Dino Liverano Interviews Brian Fuehrlein, MD, PhD
Dino Liverano Interviews Brian Fuehrlein, MD, PhD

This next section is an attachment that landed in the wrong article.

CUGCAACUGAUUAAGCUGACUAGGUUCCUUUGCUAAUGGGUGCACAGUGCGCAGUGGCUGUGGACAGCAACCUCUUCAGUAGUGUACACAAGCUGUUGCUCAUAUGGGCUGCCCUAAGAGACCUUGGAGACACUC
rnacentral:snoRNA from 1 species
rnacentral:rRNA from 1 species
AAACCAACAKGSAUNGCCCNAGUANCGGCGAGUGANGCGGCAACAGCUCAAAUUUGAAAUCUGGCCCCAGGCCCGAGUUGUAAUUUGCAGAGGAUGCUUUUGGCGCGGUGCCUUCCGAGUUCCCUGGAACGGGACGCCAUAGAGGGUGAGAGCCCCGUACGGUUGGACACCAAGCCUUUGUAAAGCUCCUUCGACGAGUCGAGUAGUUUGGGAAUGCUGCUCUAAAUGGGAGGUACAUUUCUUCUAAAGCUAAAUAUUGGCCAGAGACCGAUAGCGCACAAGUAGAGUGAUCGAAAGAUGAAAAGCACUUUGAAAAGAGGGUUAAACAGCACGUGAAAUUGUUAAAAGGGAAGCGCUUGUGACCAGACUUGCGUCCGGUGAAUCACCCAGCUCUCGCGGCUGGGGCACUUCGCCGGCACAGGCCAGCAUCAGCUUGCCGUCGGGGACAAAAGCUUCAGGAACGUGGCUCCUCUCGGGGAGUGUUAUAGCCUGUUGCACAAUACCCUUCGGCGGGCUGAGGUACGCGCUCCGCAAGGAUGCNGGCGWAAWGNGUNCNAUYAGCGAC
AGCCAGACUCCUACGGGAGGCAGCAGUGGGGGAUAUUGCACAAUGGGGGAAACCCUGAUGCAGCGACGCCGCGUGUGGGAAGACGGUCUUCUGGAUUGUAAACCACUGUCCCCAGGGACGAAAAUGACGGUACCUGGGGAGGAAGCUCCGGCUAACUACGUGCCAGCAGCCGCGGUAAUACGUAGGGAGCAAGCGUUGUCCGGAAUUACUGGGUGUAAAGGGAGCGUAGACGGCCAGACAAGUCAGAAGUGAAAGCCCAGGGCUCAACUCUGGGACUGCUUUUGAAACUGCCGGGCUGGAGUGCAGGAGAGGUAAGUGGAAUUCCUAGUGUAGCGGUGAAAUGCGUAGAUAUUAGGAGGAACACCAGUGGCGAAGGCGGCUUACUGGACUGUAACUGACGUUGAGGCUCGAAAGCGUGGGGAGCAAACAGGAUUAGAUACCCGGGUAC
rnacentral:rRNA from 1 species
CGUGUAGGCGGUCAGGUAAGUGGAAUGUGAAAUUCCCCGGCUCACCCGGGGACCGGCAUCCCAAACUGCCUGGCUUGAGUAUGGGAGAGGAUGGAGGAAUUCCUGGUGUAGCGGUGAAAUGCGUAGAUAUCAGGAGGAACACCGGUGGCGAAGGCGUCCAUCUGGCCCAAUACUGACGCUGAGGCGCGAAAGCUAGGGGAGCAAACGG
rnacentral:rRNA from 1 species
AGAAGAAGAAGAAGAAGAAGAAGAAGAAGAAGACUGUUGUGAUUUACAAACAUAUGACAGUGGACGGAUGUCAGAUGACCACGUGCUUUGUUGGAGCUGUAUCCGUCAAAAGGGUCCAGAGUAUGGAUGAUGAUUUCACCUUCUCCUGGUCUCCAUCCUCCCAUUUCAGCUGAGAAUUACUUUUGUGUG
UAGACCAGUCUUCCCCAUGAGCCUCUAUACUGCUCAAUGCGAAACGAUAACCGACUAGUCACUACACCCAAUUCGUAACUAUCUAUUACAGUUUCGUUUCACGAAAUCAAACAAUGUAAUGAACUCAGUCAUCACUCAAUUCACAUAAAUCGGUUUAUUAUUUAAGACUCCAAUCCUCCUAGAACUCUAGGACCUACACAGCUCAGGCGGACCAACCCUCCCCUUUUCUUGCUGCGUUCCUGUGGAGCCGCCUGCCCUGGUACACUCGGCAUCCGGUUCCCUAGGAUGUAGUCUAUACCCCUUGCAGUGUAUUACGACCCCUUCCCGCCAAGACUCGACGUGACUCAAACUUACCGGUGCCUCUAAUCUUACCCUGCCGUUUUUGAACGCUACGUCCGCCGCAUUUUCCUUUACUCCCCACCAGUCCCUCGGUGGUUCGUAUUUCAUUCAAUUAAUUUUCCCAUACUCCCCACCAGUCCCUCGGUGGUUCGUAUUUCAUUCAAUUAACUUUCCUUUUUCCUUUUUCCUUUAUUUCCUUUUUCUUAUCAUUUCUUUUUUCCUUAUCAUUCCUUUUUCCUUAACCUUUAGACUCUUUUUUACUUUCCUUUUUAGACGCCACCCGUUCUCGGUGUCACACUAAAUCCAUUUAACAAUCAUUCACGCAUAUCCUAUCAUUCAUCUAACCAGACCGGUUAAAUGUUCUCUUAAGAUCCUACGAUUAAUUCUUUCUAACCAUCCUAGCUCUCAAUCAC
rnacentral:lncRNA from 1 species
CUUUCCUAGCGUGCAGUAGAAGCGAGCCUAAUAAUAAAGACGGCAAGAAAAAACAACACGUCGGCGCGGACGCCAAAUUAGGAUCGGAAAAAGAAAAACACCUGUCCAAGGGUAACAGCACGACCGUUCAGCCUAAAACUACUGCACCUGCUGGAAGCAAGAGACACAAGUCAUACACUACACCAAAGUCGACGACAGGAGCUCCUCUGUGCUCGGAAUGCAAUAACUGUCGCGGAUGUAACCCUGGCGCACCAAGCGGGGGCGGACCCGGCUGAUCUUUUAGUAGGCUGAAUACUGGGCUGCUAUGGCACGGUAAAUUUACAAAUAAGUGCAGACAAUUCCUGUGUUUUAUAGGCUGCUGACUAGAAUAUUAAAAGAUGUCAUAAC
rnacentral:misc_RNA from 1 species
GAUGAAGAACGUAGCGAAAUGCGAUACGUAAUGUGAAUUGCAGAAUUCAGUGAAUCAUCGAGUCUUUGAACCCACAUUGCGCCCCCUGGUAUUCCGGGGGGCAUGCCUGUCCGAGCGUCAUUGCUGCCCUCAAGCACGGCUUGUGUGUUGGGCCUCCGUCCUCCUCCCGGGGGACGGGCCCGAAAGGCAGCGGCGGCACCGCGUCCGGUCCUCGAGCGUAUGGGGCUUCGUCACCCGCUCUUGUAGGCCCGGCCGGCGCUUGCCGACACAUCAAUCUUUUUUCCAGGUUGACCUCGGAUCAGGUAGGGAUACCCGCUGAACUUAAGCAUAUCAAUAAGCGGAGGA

Dino Liverano: Welcome to the Lakeview Health Video Podcast series. I’m Dino Liverano, Clinical Manager of the men’s facility here. I’m here with Dr. Brian Fuehrlein, Director of Psychiatric Emergency Medicine at V.A. Hospital, and Professor of Psychiatry at Yale School of Medicine. Thank you for joining us Dr. Fuehrlein. I’m just going to ask you a couple of questions. I know that you are passionate about teaching people about the disease of addiction. What have you found to be most successful or impactful in helping those with little to no knowledge about addiction, or that really don’t understand addiction as a disease. Brian Fuerhlein: So I think that the most important thing is that people who struggle with addictions can sometimes do things that are very frustrating to people who aren’t experiencing addiction. If we have loved ones, family or friends, or our clients are patients who are struggling with addictions, we’re interacting with them a lot, they’re going to say, do, behave a certain way. All these things they’re behaving like is going to be frustrating for us, and that may bring about anger, it may bring about frustration, it may lead us to cut them off, or as physicians we may want to say, “I don’t want to care of this person. This is my least favorite patient.” Brian Fuerhlein: So what I try to do is create a framework by which either family members or loved ones or physicians or nurse practitioners or other people who take care of patients, or who even have loved ones who struggle, I created a framework by which it helps them to understand a little bit about addiction. And starting with the behaviors that might be frustrating to us, building upon that and saying, “This is what’s actually going on in the brain. This disease process is creating these problems. It’s the reason why they may frustrate us sometimes. And instead of being angry and frustrated, we should understand that this disease process causes this and therefore we should treat them as though they have another disease process and encourage them to get help and encourage them to get treatment, instead of being angry and hostile all the time.” Brian Fuerhlein: So when I work with students and residents and other faculty members and I teach about addiction, I teach in a way that I help them to understand why someone with an addiction is behaving a certain way, and how it developed and what made them behave that way. And when I work with families and friends of people in the community, I teach them, “This is why your loved one may behave a certain way and this is the biological reason for it, and let’s work with them to get them help instead of always being angry and frustrated all the time.” Dino Liverano: So really getting them to understand that there is these underlying processes more so than just a choice of yes, I want to, no, I don’t. Brian Fuerhlein: Right. If it was as easy as someone making a decision, “Okay, I’m going to stop drinking” then very few people would be an alcoholic because nobody wants to develop the problems associated with having an alcoholic’s disorder. Nobody wants to have DUIs, nobody wants to lose their family, nobody wants to lose their loved ones. Nobody wants those things. Dino Liverano: Sure. Brian Fuerhlein: If it was easy as them at some point saying, “Okay. Maybe I just need to stop drinking” then everybody would stop drinking. Especially with opiates. People very quickly start to realize the effects of opiates. It starts with cost, they may spend their life savings, and then it gradually progresses to medical things and social consequences. And if it any point along that path someone could just say, “Well, why don’t I just not do this anymore? This isn’t good for me” then everybody would stop doing it. The vast majority of people who struggle with an addiction can’t do that, so it’s very important to educate that this is a disease process that this person didn’t ask for, this is something that can be treated, but it’s not treated with anger and hostility and threats, it’s treated with empathy and getting people the help that they need through programs like this and others. Dino Liverano: Sure. Thank you. The opioid epidemic has permeated every corner of the US. Are there any trends around the opioid epidemic that you and your students have seen this year? Brian Fuerhlein: Yeah. So I would say the trend is that it’s getting worse, but also that certain types of opiates seem to be leading the way with overdoses. And it’s very region specific and it’s really difficult to say, “Well why is it so prevalent in one state or within one community in one state.” Connecticut is actually, it’s certainly not one of the worst states, but there’s areas within Connecticut that are being devastated. And you probably hear about West Virginia and some other rural areas that communities are being totally devastated. Brian Fuerhlein: And I would say the primary trend that we’re seeing now would be the synthetic opiates, the powerful opiates, which are very routinely being mixed in with heroin. That’s what’s killing people. So your Fentanyl and your Carfentanil, the things that are very, very potent and the person who’s addicted is injecting a certain amount, they’re used to injecting a certain amount of heroin, and if that’s laced with Fentanyl, that same amount is deadly, deadly to a larger animal, because of how powerful it is. Brian Fuerhlein: So often people will even seek that out. Patients with addictions, it’s cunning and bad for you, people will sometimes tell me, “My friends got into a batch of heroin that clearly had something in it and they were passed out and unconscious, and they didn’t die, but they were almost dead perhaps. But I wanted to try it too to see what it was like.” So even knowing that this is the dangerous stuff, this is the deadly stuff, sometimes because of the need for more and the desire to get what they want, that will even drive them to do things that are even far riskier. But I would say the major trend that we are seeing is an overall increase in deaths and an overall significant increase in the deaths related to these synthetic opioids that are really, really powerful. Dino Liverano: Just really showing how important the work is that you do. Brian Fuerhlein: Yeah. I mean, in the Emergency Room that I work at we see people every day who are young, usually in their 20s, in the early 30s, who are injecting heroin or mixing with alcohol or benzos, who have already overdosed and been resuscitated with Narcan. And these are patients that are really, if you take any patient in medicine of any medicine at all, these are as critical as any patients. Anybody who’s dying of any other illness, you take someone who was Narcan’d yesterday and who almost died of an overdose, that patient is as critical as anybody you will see. Brian Fuerhlein: So teaching the students, the residents, other providers, family, to have empathy for that person, to encourage that person to try to get that person some help might save their life, instead of throwing them to the curb and saying they’re making a choice to use, and I’m just going to let them use. So actually try and encourage them to get help. And one more thing, it’s really sad when people die of an overdose or die of alcoholism who are, they tend to be alone and isolated and have aggravated their family and friends and maybe they’re homeless and they’re all alone in a room somewhere with a needle in their arm and they’re found dead. Usually, it’s not celebrated by family that how sad this was and their life was wonderful, it’s other things. But when people die of other illnesses, especially at a young age, it’s often sad and everybody comes together, and normally, “I can’t believe this person has cancer, I feel so bad. Let’s celebrate his life” and it’s just a really, really, really sad thing. It’s sad when anybody dies, but it’s often not treated the same way when someone dies of a heroin overdose because they made that decision, so it was their fault and they aggravated everybody for the past five years. And it’s just different. And that’s sad because nobody wanted that life, just like nobody wanted a life with any other medical problems. Brian Fuerhlein: So I think bringing all of this to light with what you do and educating the community and educating students and residents and clinicians and getting the word out about addictions in a medical context and the underlying basis of it and the significance of the opiate use disorder. Again from a medical standpoint, I think it’s what’s really, really important. Dino Liverano: All right. Thank you for your time. And if you guys would like any more information, please contact us any time at 888-480-3799. Thank you.